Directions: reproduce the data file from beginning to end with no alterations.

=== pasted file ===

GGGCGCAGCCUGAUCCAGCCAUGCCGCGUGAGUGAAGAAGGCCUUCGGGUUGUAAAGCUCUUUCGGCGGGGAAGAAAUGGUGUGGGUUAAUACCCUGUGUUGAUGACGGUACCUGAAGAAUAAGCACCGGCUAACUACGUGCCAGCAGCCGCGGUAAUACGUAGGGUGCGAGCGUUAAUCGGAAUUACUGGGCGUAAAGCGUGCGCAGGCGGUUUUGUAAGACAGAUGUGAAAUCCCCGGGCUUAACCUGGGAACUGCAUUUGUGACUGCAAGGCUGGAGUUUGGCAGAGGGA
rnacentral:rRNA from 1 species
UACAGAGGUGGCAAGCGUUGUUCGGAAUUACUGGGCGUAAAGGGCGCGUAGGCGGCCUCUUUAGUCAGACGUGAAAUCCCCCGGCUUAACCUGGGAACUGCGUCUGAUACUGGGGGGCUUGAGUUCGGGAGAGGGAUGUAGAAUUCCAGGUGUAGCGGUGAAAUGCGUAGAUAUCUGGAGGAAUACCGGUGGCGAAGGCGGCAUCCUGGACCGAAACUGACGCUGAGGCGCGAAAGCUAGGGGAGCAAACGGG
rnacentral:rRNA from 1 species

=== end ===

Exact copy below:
GGGCGCAGCCUGAUCCAGCCAUGCCGCGUGAGUGAAGAAGGCCUUCGGGUUGUAAAGCUCUUUCGGCGGGGAAGAAAUGGUGUGGGUUAAUACCCUGUGUUGAUGACGGUACCUGAAGAAUAAGCACCGGCUAACUACGUGCCAGCAGCCGCGGUAAUACGUAGGGUGCGAGCGUUAAUCGGAAUUACUGGGCGUAAAGCGUGCGCAGGCGGUUUUGUAAGACAGAUGUGAAAUCCCCGGGCUUAACCUGGGAACUGCAUUUGUGACUGCAAGGCUGGAGUUUGGCAGAGGGA
rnacentral:rRNA from 1 species
UACAGAGGUGGCAAGCGUUGUUCGGAAUUACUGGGCGUAAAGGGCGCGUAGGCGGCCUCUUUAGUCAGACGUGAAAUCCCCCGGCUUAACCUGGGAACUGCGUCUGAUACUGGGGGGCUUGAGUUCGGGAGAGGGAUGUAGAAUUCCAGGUGUAGCGGUGAAAUGCGUAGAUAUCUGGAGGAAUACCGGUGGCGAAGGCGGCAUCCUGGACCGAAACUGACGCUGAGGCGCGAAAGCUAGGGGAGCAAACGGG
rnacentral:rRNA from 1 species